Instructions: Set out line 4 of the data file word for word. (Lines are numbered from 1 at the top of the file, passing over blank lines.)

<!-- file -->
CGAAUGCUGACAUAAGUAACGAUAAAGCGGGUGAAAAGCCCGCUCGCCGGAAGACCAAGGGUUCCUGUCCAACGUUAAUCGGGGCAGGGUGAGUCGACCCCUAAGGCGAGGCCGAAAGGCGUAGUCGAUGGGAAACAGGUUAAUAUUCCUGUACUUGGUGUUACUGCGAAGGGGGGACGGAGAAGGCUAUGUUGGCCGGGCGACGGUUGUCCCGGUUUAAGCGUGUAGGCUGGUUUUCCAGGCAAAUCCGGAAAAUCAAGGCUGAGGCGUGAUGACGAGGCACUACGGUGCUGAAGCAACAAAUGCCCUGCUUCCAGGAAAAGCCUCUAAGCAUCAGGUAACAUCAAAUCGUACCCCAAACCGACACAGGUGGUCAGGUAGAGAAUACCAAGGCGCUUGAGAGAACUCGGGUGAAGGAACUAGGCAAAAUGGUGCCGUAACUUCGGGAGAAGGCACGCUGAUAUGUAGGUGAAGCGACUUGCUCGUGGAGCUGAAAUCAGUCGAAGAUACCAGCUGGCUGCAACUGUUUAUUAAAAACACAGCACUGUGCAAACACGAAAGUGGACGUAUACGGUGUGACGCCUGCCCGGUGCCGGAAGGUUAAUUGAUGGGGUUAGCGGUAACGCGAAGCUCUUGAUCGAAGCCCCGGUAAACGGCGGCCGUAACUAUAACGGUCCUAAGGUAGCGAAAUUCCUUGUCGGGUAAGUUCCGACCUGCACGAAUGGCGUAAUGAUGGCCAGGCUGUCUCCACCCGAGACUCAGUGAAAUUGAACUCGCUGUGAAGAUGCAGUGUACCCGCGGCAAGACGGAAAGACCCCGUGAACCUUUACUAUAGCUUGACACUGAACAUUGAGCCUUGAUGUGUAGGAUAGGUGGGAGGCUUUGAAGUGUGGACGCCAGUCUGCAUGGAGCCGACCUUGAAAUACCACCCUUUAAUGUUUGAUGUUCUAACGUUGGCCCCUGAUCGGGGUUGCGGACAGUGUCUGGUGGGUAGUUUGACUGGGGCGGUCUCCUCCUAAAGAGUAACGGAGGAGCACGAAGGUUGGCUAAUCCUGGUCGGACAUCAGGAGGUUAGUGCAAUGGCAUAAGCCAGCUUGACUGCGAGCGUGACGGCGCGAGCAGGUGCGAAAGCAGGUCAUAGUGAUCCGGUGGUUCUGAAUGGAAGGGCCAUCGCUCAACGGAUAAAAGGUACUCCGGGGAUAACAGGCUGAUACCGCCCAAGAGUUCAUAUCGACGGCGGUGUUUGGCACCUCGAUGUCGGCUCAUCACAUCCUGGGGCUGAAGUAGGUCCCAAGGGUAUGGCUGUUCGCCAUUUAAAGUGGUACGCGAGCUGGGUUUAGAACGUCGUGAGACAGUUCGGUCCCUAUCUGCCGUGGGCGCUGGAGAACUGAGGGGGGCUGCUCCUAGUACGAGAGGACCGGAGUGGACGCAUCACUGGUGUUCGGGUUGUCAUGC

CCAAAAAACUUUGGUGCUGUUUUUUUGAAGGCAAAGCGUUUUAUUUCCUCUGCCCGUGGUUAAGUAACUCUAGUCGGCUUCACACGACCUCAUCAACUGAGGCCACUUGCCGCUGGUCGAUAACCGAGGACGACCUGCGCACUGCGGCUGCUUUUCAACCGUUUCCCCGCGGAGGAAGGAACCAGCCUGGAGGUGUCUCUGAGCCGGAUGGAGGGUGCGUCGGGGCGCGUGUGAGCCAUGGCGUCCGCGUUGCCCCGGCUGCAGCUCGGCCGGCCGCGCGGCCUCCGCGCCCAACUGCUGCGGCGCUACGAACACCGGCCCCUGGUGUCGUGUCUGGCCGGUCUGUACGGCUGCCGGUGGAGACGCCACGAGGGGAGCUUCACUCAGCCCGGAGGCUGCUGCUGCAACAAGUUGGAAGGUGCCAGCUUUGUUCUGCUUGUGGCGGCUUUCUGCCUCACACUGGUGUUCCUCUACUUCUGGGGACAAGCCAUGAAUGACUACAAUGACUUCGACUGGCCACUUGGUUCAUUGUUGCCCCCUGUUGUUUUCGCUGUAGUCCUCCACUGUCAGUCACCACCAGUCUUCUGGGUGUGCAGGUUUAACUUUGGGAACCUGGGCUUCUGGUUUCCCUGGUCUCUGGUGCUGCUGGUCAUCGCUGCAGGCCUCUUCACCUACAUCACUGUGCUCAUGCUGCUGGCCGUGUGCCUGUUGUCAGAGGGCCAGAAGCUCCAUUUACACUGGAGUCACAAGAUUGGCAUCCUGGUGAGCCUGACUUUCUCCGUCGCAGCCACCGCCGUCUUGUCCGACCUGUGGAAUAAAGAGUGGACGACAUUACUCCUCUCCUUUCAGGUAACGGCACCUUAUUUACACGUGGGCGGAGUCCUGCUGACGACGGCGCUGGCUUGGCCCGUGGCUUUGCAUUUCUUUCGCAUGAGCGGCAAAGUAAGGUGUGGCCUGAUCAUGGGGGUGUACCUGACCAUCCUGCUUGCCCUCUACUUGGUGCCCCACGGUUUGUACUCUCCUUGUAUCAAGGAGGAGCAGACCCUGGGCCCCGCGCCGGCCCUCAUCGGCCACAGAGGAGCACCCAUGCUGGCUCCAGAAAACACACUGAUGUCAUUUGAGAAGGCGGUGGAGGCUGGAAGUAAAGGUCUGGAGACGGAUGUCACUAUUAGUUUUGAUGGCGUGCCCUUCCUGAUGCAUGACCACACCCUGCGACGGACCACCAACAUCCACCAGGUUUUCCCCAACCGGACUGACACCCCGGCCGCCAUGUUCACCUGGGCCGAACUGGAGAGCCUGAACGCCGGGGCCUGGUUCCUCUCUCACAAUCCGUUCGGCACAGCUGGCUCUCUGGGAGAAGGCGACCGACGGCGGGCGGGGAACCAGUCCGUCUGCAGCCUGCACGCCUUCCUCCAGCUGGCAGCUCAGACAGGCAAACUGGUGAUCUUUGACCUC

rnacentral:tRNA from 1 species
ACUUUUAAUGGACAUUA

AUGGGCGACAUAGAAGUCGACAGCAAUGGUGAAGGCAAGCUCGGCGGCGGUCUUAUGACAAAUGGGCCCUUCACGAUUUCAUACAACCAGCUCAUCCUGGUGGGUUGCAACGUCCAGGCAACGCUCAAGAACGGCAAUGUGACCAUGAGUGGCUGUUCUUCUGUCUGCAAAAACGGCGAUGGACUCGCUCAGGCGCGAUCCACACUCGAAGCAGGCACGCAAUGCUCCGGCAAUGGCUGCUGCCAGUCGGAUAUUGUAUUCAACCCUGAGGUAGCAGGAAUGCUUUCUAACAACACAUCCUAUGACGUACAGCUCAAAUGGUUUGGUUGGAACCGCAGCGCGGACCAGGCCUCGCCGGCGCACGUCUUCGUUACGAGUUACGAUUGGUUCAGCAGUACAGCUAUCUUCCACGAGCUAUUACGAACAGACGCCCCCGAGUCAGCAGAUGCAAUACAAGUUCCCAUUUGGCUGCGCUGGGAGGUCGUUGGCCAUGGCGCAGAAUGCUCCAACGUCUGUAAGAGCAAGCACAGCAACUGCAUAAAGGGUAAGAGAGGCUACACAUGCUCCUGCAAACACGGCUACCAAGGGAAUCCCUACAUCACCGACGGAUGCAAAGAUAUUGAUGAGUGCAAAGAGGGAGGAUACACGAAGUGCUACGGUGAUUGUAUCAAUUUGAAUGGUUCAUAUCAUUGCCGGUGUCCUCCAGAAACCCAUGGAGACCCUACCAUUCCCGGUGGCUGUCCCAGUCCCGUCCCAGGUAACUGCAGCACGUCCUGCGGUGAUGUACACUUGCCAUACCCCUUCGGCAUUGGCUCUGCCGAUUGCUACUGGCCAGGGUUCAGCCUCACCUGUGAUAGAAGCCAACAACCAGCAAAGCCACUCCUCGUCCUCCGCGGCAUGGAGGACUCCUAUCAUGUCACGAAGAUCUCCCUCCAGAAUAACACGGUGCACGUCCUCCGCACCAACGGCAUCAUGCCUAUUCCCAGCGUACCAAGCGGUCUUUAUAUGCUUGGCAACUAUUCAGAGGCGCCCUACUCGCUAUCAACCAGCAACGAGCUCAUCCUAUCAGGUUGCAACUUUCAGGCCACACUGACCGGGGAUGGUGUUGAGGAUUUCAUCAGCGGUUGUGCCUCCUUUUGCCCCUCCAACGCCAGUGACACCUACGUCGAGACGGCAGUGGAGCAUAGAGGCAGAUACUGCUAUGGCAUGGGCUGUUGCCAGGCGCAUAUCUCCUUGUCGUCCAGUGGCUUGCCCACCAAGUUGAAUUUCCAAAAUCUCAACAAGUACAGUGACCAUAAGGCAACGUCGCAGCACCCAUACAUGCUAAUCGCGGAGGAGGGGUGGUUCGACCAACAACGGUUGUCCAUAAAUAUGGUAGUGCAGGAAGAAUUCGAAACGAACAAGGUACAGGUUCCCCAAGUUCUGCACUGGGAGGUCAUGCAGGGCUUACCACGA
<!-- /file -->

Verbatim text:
ACUUUUAAUGGACAUUA